Dear Dr. Yael:
Although I appreciated your reply to A Loving Sister in your September 27 column, “Giving Parental Advice: Is It A Good Idea?” I was not so successful with my brother and sister-in-law after employing your advice. I hope you can help me repair my situation.
I have always had a very close relationship with my younger brother and his wife, and as my husband and I are both the eldest of our respective siblings, we seem to be the ones they all come to for parenting advice.
. My brother and his wife are wonderful people, but they are too soft with their children. They hardly set limits or rules and buy them everything they want. Baruch Hashem, they are doing well financially. While my husband and I are also comfortable, we’ve instilled in our children a value for money and an understanding that they do not need to have everything they want.
We have hardworking, responsible, and respectful children who have derech eretz for others and practice tremendous kibud av va’em. We are extremely warm and loving parents, but made sure to set limits and discipline our children. We also expected respect in return and complimented our children’s efforts to be ambitious, respectful people. By always giving our children age-appropriate jobs we enabled them to be helpful, raising their self-esteem.
On the other hand, my brother and sister-in-law appear to be raising children who are very spoiled – and their “no limits” and “no discipline” attitude is disastrous. So in an effort to avoid disaster, I gently tried to give them examples of how to pay compliments, encourage respect and increase expectations from their children. I even took their three young children for a few days so they could get away for a long weekend. I used all of my techniques and the children were wonderful with us. They received many compliments for serving and clearing the Shabbos table – things they never do at home. They also spoke respectfully to us, something that I unfortunately do not see them do on a regular basis. It seemed easy to change these children’s disrespectful and ungrateful attributes, so after the weekend my husband and I took out my brother and sister-in-law to dinner and shared with them our ideas and the success we had over the weekend.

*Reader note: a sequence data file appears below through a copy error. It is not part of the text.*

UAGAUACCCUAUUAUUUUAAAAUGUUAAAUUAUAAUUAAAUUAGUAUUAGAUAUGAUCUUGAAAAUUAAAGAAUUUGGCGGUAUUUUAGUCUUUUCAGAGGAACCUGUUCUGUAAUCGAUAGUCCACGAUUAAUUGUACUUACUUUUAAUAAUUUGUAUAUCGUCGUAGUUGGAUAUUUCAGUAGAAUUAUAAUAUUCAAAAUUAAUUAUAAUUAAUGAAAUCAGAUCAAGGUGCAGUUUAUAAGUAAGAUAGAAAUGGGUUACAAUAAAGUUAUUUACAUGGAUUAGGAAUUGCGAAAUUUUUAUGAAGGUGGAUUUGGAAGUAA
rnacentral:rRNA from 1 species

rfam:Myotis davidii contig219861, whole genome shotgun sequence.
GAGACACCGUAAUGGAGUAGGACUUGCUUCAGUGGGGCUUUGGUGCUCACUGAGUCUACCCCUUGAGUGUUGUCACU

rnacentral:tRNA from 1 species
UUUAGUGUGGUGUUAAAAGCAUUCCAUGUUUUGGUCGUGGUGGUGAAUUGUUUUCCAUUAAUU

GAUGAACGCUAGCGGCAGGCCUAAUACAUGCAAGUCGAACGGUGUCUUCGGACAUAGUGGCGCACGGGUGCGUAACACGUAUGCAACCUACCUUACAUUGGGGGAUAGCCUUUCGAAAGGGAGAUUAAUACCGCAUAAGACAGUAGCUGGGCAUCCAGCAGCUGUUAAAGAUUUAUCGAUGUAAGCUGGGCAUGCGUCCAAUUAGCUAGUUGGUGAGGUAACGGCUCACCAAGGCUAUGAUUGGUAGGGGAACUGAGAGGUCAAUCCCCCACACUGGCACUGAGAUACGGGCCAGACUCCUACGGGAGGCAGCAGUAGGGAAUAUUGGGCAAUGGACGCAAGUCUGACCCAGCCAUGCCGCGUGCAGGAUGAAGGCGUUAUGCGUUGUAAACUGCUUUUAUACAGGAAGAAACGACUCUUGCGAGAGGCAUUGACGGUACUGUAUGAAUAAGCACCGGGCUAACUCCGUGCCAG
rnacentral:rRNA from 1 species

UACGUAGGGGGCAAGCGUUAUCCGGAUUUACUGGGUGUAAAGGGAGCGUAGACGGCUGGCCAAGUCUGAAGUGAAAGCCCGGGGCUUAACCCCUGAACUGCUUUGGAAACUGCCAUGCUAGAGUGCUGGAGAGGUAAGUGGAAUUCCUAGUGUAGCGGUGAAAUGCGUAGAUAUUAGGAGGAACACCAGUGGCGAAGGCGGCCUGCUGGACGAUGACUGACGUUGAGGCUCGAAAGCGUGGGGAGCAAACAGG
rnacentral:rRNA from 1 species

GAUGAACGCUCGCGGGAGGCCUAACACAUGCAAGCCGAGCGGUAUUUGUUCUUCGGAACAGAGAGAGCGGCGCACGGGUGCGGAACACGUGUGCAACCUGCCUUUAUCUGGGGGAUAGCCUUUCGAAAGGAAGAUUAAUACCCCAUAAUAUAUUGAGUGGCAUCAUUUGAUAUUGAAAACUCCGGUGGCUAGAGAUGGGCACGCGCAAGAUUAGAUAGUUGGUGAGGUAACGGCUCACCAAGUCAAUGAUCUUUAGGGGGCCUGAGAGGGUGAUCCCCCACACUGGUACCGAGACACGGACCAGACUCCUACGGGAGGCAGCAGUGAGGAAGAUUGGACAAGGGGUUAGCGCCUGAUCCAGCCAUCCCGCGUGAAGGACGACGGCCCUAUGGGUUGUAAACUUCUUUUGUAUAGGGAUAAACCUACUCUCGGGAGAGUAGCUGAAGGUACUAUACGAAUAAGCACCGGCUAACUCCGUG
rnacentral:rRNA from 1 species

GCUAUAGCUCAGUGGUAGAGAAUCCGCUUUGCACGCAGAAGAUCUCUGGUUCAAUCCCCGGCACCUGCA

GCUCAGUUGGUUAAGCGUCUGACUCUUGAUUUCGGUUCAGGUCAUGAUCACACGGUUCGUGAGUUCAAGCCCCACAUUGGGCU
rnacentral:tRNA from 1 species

My sister-in-law was very quiet during our talk, and since then our relationship, once very close, has become distant. My brother is also cold to us and hardly calls anymore. We are so hurt by their immature behavior.
We see a looming catastrophe ahead but still see hope for their children’s futures because they are young and responsive to our techniques. Please help us solve our difficult dilemma.
Thank you for your interesting letter.
This situation is difficult, as your brother and sister-in-law were obviously hurt, or at least embarrassed, by your advice. On the other hand, you have an obligation, as an older sibling, to help your brother. The most important thing right now is to establish communication, no matter how uncomfortable that would be. Perhaps you can take your sister-in-law out for lunch or just have a talk with her.
Begin by apologizing for having hurt her and tell her that you realize that things are not the same between you. Ask her for suggestions on repairing your strained relationship. Let your sister-in-law feel like she is in control, since people tend to become defensive if they feel that they are losing control of a situation. With that feeling, the conversation will likely deteriorate.
If it’s established that your sister-in-law is truly upset by your advice, you need to address the situation. Explain to her how much you love her and your brother and how badly you feel that you hurt her. Tell her that you know how much effort she puts into raising her children and that you never meant to criticize her. Instead, you simply wanted to share some true and tried techniques that seemed to work both with your children and with hers when you had them over for the weekend. And emphasize to her that you respect everyone’s right to do things their way.